2 - 8 1/2 x 8 - inches (ends)
4 - 10 x 4 1/2 - inches (sides and dividers)
3 - 2 x 3 3/4 - inches (small dividers)
1 - 10 x 7 - inches (bottom)
9-foot piece of 7/32" rope


General Instructions:
I advise you to read through entire plan before beginning. Take precautions to build safely. Always use straight boards. Work on a flat-level surface. Use glue with finish nails for a strong hold. Wipe excess glue off bare wood for stained projects. Ask for help if you need it and have FUN!

TIP: One of the biggest tips I received lately for ensuring accurate cuts is to measure from the fence on your table saw to the side of your blade for your cutting distance.  Don't rely on the printed measurements on your table saw for accurate cuts.

Step 1 - now that your boards are cut it's time to make some marks with your measuring tape and pencil.

On both end pieces measure and mark 4.5" front the bottom corners, then 3" inward from the top corners.  Connect both marks for your cut line.  For the handle holes, measure and mark 1" down from the center of your pieces.

For your side and divider pieces you'll be marking on the top edge (diagram shows large flat surface).  For 2 of your pieces measure and mark 5" from one end.  For your remaining 2 pieces, measure and mark 3 1/4" from each end.

Step 2 - cut the marked corners off your end pieces that were marked in Step 1.  With your drill and 3/8" drill bit, drill a hole in your end pieces centered over the 1" mark from Step 1.

Step 3 - sand all surfaces and dull sharp corners.


Step 4 - set all your pieces up and double check everything fits and looks good.  Your small divider pieces should be aligned with the marks on your side and divider pieces you made in Step 1.

Step 5 (*see tip below)- now it's time to attach your small divider pieces to their corresponding side and large divider piece.  You'll attach the pieces together that have just one small divider piece first so we can use the small divider pieces from the other side to help support our boards while we glue and staple (you will not glue and staple these - they're just to help space your boards while you attach the small middle divider).  You'll want your bottom piece under your work since the large divider piece is staggered from the side piece.

Glue both long edges of your small divider piece and align with your center markings on side and large divider piece.  I used my end pieces to smash everything together and make sure everything was square, carefully remove end pieces and hold everything securely with one hand (or you can clamp) while I put a few nails through the side boards into the small divider.  Make sure as best you can that they are centered because you don't want to miss the small divider and have nails poking through.  If you are not using a nail gun and don't have clamps you'll need someone to hold everything together while you hammer nails in.

*TIP: When using a nail gun, you need to have the nails going in with the grain!  See in the above picture how the lines (grain) of my wood are and my nail gun is angled?  This is right.  If I turned my nail gun upright my nails would be cutting across the grain and not go straight through to the small divider piece, but would instead go off to the side. Pulling these finish nails out is not fun!
Okay, now you can do the other pieces for your other side just like you did for the first side.  Remember to glue the long sides of the small dividers and align everything by sandwiching them between your end pieces.  For this side I tried clamping to see if it was easier.  It was a little easier but not necessary if you can hold everything together tightly.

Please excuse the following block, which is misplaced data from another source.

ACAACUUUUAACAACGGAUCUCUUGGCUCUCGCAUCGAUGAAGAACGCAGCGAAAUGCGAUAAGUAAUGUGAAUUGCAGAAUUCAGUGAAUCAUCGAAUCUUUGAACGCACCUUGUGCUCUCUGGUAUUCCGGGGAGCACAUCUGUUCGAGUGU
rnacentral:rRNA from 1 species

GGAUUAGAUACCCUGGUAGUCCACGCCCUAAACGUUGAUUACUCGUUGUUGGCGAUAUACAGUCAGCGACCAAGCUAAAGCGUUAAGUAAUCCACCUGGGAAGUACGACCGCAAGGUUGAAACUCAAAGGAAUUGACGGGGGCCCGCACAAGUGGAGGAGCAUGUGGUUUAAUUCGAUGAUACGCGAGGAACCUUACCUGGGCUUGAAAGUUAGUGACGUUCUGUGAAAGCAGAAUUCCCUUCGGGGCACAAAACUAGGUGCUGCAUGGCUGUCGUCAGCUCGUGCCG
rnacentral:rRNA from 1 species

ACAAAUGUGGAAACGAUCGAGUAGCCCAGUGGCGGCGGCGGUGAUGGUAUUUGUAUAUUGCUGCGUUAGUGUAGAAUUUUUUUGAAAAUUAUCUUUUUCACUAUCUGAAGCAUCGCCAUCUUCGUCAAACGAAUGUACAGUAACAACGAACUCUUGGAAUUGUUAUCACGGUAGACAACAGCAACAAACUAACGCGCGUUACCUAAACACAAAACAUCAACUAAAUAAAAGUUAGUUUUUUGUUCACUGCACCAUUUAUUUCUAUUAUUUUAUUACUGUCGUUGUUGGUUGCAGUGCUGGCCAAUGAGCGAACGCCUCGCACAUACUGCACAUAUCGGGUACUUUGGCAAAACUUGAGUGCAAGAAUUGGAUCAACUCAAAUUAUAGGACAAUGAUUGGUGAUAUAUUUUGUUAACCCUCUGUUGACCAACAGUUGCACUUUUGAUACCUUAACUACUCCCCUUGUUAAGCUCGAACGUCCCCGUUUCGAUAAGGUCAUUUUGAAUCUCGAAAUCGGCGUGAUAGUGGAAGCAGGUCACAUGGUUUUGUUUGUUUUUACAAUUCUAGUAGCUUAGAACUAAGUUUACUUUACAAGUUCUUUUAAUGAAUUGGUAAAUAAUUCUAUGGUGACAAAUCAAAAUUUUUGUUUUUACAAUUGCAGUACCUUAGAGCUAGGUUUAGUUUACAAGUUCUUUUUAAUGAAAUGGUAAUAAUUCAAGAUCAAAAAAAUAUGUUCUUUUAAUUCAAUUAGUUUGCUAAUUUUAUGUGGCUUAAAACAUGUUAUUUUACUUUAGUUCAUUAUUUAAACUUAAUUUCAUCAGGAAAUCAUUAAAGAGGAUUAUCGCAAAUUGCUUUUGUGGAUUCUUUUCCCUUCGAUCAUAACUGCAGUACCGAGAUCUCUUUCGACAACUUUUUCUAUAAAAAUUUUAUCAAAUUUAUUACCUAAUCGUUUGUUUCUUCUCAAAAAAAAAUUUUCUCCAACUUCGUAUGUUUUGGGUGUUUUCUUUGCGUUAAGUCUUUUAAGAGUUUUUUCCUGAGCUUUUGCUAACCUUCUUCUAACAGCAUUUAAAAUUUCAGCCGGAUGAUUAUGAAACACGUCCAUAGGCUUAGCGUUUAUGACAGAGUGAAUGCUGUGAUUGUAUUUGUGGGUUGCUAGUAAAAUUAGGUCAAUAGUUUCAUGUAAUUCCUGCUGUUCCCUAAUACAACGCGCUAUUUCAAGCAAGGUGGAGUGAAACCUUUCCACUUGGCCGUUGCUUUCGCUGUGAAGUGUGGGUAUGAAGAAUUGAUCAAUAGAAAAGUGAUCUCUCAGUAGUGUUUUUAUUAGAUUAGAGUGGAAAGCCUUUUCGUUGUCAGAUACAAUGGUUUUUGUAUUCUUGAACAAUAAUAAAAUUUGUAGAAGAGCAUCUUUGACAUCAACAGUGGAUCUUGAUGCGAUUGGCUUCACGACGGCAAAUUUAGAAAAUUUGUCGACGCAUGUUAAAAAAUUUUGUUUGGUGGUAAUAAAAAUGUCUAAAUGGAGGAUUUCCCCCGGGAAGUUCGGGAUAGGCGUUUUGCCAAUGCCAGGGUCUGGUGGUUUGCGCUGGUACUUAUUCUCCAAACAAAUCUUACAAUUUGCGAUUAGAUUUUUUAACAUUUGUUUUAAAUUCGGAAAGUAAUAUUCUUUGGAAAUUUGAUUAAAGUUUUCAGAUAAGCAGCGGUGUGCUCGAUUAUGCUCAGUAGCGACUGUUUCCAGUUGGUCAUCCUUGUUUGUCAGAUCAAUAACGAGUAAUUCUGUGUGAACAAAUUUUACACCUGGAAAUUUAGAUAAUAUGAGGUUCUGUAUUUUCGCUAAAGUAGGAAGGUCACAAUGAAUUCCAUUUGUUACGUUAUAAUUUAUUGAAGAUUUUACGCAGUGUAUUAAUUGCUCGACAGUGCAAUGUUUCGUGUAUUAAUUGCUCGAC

Step 6 - you finished your divider pieces and now it's time to glue and nail the ends on.

Glue the ends of your divider pieces but not the bottom piece!  We'll do the bottom piece at the very end.

Get the ends clamped on (or have someone hold everything tight).  Make sure everything is aligned and square.  You should out 3-4 nails through each board.  Look carefully from the top to see that your nails are aligned through the boards before you put them through.  It is nearly impossible to pull them out at this point!

Step 7- pull out your bottom (is shouldn't be glued or nailed at this point) and turn your organizer upside down.

Glue the bottoms of all your divider pieces and glue around the edges of your bottom piece.

Place your bottom piece in and clamp if you want.  Nail around the outer edge.

I put a nail through each small divider piece.  It can be tricky getting them in the right spot - I did this by looking on the side where I had nailed them in.

Step 8 - wood fill all your nail holes.  I also did the creases between the boards around my bottom piece.

Step 9 - when your wood filler is dry sand it down so everything is smooth.  Remove any dust for painting/staining.

Step 10 - Paint or stain your organizer.  I used Minwax Gray stain.  I love it!  (I purposely left some areas bare for a worn look).  Sand lightly and wipe off surface for clear coat.

Step 11 - Brush on a nice layer of Polyurethane.  It is difficult to get inside the cubby holes but it is worth it!  The poly goes on milky but dries super clear.  I did one coat, lightly sanded and put on a 2nd coat.  The last coat makes a big difference!

Step 12 - last step (and the most fun!).  Let's make the rope handle!

Put your rope end through both holes making a full circle 2 times around.  Make sure you have a 5-foot long tail on the end you pulled through to make your coils.

Tie a knot close to the end.  Your other end will get caught inside the coils - don't worry!

Wrap your long tail end around the main handle, catching in the loose end.

Coil your rope all the way to the other end and tie a knot (the same distance as the other side knot).  Pull super tight!

Cut any extra rope off.  You may want to add some dabs of super glue or hot glue just to ensure it doesn't come loose.


Now fill with all sorts of supplies!  My kids LOVE this organizer!